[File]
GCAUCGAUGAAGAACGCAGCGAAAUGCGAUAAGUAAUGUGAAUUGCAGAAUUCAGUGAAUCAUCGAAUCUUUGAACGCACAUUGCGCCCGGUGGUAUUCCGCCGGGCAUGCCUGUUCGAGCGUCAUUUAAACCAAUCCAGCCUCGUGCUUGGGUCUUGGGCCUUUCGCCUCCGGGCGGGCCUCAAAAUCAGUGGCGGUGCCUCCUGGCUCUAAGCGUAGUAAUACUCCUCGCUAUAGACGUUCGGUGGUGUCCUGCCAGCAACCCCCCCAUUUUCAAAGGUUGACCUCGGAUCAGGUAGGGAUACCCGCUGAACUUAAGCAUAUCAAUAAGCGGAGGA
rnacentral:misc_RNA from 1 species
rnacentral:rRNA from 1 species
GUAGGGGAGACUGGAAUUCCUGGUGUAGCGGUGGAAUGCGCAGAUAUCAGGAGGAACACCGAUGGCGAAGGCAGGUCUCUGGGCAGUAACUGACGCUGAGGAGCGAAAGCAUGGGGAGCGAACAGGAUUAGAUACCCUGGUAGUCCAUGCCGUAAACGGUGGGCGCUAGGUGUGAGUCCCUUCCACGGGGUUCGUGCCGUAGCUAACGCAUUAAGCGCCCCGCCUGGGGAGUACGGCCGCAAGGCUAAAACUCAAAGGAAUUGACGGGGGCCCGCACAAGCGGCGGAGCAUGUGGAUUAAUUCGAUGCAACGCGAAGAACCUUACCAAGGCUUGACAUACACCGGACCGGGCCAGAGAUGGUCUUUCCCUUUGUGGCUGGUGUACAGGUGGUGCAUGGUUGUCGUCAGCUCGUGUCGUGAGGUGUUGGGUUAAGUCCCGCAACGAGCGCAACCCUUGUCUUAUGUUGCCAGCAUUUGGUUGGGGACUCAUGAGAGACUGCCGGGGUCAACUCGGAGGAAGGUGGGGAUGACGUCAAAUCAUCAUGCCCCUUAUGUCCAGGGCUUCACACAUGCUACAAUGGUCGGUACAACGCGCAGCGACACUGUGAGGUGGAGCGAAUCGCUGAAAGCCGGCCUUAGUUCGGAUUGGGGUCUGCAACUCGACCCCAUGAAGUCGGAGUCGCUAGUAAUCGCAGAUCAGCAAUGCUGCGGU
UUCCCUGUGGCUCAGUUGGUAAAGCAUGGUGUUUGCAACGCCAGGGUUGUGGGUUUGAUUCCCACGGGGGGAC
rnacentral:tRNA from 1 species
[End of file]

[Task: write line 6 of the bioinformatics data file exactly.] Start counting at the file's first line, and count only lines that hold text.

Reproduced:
rnacentral:tRNA from 1 species